Counterproductive and Dangerous Alcohol Policy

by David J. Hanson, Ph.D.

Drake University in Iowa has decided to crack down on student drinking with a zero tolerance approach. Although well intentioned, its policy will almost certainly lead to serious problems, and potentially even to needless death.

Students who require medical care because of intoxication will now be punished. That won’t stop drinking, but it will discourage students from seeking needed medical intervention and treatment.

Such policies elsewhere have discouraged students from obtaining medical care. That’s precisely why caring institutions no longer punish those who require medical care. A serious medical complication or even death seen as a result of this policy may put Drake University officials on the hot seat... the witness chair in court fighting a multi-million dollar lawsuit.

Perhaps it would be wiser for Drake to use a proven method for reducing alcohol consumption and abuse on college campuses.

The social norms marketing technique has repeatedly been found effective in reducing the use and abuse of alcohol among college students. It’s based on the fact that the vast majority of young people greatly exaggerate in their minds the quantity and frequency of drinking among their peers. Therefore, they tend to drink -- or drink more -- than they would otherwise, in an effort to “fit in.”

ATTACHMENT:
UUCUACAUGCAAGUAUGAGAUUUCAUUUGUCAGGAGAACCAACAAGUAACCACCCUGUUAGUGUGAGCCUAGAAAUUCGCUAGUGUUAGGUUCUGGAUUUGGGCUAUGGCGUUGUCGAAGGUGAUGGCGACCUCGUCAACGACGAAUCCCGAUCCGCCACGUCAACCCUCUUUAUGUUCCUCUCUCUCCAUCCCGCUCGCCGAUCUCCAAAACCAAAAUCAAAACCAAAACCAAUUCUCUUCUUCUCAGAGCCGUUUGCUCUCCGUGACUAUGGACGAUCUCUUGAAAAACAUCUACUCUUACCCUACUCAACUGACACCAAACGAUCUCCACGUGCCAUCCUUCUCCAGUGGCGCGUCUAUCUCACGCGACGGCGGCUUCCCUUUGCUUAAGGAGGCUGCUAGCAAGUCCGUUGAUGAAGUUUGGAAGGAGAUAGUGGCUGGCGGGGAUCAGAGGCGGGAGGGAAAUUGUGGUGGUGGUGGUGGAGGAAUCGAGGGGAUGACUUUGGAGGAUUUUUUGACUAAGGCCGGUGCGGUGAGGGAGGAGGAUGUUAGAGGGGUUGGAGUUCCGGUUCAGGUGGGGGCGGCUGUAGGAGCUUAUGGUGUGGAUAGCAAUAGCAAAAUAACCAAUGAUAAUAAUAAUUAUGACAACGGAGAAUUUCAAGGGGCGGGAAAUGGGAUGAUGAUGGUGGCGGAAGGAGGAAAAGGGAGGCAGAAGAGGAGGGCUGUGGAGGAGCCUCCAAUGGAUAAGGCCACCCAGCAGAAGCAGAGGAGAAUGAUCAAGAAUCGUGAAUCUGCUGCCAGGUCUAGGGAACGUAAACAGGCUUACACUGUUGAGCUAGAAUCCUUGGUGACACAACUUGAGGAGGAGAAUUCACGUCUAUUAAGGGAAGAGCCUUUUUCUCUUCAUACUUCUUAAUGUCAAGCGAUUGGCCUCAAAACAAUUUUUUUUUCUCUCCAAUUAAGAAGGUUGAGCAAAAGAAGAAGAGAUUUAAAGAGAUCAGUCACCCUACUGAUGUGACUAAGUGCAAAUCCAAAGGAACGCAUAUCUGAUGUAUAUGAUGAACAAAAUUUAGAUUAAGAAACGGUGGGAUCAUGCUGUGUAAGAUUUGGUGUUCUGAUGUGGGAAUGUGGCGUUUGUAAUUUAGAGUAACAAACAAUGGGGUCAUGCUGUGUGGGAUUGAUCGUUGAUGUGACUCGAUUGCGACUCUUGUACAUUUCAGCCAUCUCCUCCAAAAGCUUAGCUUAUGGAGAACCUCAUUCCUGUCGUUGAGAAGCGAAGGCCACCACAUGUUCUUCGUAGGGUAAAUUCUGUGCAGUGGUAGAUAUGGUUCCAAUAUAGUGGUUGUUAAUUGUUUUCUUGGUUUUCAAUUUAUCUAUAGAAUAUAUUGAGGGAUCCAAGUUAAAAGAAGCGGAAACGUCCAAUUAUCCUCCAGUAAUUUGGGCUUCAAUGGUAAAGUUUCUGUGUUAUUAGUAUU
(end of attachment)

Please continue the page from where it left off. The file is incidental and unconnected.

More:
When credible surveys demonstrate the actual, much lower drinking rates, and the results are widely publicized or “marketed” to students, the imagined social pressure drops and so does student drinking. Study after study demonstrates that the technique works. What’s more, it costs very little to implement.

This is a good alternative to potentially dangerous zero tolerance policies and its enormous liability risk. As students might say, “it’s a no-brainer.”

 

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